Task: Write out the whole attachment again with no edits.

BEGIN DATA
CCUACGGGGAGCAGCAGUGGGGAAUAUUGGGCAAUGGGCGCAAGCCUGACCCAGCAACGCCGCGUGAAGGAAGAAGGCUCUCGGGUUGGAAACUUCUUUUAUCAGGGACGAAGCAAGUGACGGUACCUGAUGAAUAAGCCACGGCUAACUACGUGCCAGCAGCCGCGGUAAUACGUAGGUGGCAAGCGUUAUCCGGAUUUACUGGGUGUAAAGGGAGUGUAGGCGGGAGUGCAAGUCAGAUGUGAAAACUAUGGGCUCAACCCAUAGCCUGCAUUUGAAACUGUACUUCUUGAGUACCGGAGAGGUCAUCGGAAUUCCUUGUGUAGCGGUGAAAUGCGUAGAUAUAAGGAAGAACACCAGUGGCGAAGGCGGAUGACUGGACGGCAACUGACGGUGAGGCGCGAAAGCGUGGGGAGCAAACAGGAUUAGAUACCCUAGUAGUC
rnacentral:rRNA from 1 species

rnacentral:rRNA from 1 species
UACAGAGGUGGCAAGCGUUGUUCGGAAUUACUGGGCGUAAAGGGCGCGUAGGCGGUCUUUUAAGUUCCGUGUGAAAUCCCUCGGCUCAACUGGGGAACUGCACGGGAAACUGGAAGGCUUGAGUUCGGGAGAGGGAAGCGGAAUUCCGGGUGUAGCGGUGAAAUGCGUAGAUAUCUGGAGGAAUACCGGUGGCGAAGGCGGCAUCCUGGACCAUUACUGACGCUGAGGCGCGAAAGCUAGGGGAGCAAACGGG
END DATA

CCUACGGGGAGCAGCAGUGGGGAAUAUUGGGCAAUGGGCGCAAGCCUGACCCAGCAACGCCGCGUGAAGGAAGAAGGCUCUCGGGUUGGAAACUUCUUUUAUCAGGGACGAAGCAAGUGACGGUACCUGAUGAAUAAGCCACGGCUAACUACGUGCCAGCAGCCGCGGUAAUACGUAGGUGGCAAGCGUUAUCCGGAUUUACUGGGUGUAAAGGGAGUGUAGGCGGGAGUGCAAGUCAGAUGUGAAAACUAUGGGCUCAACCCAUAGCCUGCAUUUGAAACUGUACUUCUUGAGUACCGGAGAGGUCAUCGGAAUUCCUUGUGUAGCGGUGAAAUGCGUAGAUAUAAGGAAGAACACCAGUGGCGAAGGCGGAUGACUGGACGGCAACUGACGGUGAGGCGCGAAAGCGUGGGGAGCAAACAGGAUUAGAUACCCUAGUAGUC
rnacentral:rRNA from 1 species

rnacentral:rRNA from 1 species
UACAGAGGUGGCAAGCGUUGUUCGGAAUUACUGGGCGUAAAGGGCGCGUAGGCGGUCUUUUAAGUUCCGUGUGAAAUCCCUCGGCUCAACUGGGGAACUGCACGGGAAACUGGAAGGCUUGAGUUCGGGAGAGGGAAGCGGAAUUCCGGGUGUAGCGGUGAAAUGCGUAGAUAUCUGGAGGAAUACCGGUGGCGAAGGCGGCAUCCUGGACCAUUACUGACGCUGAGGCGCGAAAGCUAGGGGAGCAAACGGG